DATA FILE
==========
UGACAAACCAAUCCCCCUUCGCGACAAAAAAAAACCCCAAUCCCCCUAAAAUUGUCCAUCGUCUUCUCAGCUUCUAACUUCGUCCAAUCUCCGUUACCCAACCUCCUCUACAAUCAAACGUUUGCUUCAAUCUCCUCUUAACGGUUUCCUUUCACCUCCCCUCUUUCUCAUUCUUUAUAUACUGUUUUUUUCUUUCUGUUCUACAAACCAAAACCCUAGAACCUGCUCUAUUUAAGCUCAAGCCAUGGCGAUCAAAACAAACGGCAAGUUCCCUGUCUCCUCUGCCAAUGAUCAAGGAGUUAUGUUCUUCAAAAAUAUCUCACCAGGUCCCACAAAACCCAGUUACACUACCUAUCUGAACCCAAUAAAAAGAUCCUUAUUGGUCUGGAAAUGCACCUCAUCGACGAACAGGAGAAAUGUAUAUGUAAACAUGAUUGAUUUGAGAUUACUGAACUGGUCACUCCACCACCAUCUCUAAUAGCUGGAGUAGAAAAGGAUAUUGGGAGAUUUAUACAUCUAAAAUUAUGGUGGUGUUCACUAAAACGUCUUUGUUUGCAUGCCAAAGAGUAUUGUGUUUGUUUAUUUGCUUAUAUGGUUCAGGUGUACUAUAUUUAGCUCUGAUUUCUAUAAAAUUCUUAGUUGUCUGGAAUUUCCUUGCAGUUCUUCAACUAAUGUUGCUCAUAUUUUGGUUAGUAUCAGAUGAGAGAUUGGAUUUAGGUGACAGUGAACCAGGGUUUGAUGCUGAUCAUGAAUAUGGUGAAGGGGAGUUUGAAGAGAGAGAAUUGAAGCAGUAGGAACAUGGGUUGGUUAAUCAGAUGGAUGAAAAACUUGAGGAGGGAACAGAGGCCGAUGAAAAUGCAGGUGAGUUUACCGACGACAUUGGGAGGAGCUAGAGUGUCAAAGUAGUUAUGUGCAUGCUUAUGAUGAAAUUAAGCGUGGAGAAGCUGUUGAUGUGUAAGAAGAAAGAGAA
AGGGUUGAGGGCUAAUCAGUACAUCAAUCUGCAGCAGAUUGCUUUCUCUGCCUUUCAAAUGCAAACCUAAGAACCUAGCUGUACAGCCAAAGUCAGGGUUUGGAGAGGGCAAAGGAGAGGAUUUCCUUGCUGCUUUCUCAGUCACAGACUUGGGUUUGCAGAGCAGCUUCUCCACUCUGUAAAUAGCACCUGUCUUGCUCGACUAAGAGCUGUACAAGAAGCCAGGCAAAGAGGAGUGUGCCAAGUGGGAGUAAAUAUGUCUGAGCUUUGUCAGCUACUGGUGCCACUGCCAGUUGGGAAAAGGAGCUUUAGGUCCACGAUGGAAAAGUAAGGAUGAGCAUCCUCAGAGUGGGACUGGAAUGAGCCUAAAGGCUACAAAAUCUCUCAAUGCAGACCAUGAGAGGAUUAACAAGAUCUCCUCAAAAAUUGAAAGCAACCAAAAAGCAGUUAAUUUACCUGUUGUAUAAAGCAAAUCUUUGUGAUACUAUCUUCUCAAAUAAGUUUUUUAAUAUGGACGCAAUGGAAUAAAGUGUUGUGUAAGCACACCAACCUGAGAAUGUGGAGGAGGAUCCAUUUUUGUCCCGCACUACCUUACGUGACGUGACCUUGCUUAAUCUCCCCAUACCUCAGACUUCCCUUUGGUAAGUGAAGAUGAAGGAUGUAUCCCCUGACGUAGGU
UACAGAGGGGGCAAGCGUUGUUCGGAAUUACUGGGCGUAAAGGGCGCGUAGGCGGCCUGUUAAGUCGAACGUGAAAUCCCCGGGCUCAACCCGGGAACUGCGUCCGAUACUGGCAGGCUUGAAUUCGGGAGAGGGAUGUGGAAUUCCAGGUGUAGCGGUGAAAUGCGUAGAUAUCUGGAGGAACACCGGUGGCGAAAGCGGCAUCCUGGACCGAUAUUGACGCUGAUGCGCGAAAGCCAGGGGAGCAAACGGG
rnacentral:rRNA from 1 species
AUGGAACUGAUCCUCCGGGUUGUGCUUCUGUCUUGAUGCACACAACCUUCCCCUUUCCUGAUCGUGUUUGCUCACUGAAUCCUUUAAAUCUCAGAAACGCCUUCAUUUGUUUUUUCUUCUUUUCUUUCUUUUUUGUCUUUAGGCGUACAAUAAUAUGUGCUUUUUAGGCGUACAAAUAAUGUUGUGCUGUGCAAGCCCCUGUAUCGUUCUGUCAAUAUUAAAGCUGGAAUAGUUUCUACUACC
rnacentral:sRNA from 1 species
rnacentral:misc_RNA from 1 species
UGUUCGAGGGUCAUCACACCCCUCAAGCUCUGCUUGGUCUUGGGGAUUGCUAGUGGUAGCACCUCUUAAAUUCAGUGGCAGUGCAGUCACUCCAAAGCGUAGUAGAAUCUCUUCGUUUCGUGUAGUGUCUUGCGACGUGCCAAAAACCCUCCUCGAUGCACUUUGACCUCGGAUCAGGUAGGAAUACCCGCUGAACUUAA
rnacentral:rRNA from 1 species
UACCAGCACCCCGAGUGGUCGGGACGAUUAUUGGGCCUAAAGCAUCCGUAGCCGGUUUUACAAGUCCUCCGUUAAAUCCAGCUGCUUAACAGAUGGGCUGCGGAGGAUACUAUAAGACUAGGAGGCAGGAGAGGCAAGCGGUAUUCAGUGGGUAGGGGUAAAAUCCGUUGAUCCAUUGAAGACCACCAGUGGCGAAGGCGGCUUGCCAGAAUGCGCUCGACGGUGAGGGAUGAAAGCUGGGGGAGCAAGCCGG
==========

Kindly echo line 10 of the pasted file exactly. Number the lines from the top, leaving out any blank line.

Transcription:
UACCAGCACCCCGAGUGGUCGGGACGAUUAUUGGGCCUAAAGCAUCCGUAGCCGGUUUUACAAGUCCUCCGUUAAAUCCAGCUGCUUAACAGAUGGGCUGCGGAGGAUACUAUAAGACUAGGAGGCAGGAGAGGCAAGCGGUAUUCAGUGGGUAGGGGUAAAAUCCGUUGAUCCAUUGAAGACCACCAGUGGCGAAGGCGGCUUGCCAGAAUGCGCUCGACGGUGAGGGAUGAAAGCUGGGGGAGCAAGCCGG